West African megastar Ayra Starr's inspiring music journey is only beginning but she continues to attract more people with her progressive sound.
Starr’s lyricism is attracting a strong support base, and more people resonates with her fresh, honest sound that glides effortlessly between R&B, Afrobeats, Afrofunk, and neo-soul.
She says her music is about tales of heartbreak, self-empowerment, and quashing stereotypes in English and her native Yoruba.
The 20-year-old musician broke into the music scene in 2021 after being discovered by Mavin Records founder Don Jazzy, who spotted a post of her singing an original song, Damaged on Instagram.
In recent months, Starr become the face of Radar Africa - a playlist of new releases that updates every Friday - on Spotify.
The west African artist has now broken boundaries as she features on the streaming platforms international Radar - a roster, comprising artists from across the globe.
She sat down with us to chat about her inspirational journey and the impact of the inclusion on the biggest music playlist.
What are you looking forward to most as Spotify’s latest RADAR artist?
I am really looking forward to being discovered by new people who will find different meanings in my songs.
You know, different people need different things at different times of their life, and that’s what music does - it helps fans connect on a deeper level.
As an artist, it’s such a surreal feeling to know that there are people out there discovering my music and relating to my lyrics. It’s so beautiful.
With RADAR, I am excited for my music to reach new audiences and be shared on a global platform.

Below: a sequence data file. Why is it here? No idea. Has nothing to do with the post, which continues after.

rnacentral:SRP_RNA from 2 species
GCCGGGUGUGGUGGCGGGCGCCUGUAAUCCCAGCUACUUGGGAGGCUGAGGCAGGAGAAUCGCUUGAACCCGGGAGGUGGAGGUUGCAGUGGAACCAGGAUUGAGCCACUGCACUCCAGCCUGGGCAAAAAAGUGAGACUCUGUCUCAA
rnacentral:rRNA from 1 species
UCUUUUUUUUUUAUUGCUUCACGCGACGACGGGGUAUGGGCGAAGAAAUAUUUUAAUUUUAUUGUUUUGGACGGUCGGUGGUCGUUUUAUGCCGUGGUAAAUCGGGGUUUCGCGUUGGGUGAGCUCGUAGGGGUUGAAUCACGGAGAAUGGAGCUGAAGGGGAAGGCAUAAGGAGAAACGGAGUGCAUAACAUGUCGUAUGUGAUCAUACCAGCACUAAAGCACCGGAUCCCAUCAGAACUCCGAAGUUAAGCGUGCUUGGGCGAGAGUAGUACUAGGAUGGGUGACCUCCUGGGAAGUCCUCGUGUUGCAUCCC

For new fans, how would you describe your sound?
For new fans I’d describe my music as soothing but fierce yet soulful.
Who have been some of your biggest musical inspirations?
Some of my biggest musical inspirations are Rihanna, Lijadu Sisters, 2face, Nicki Minaj and a host of others.
You have a pretty musically inclined family. How have they influenced your career?
Oh, in almost every aspect really. Having a family with a musical background gave me the confidence to soar and helped in discovering my love for the art of music.
With their guidance, they encouraged me to pursue my dreams and shared some tips on navigating my career early on.
Growing up in Benin and Lagos, and moving around a lot with your family, must have brought with it some vastly different experiences from a cultural and personal standpoint. How has that played a role in your music?
There’s nothing better than having a broad perspective when making music.
Coming from a family that’s deeply rooted in different cultures gave me the opportunity to view the world through more than one lens and contributed to my sound.
What message do you want listeners to take away from your music?
I think my music conveys the fact that I am not scared to spread my wings wide and I would love for listeners to feel like that too. Bet on yourself and never back down, keep going.
Do you have any advice for other emerging artists?
Know who you are, know your worth and do you respectfully but unapologetically.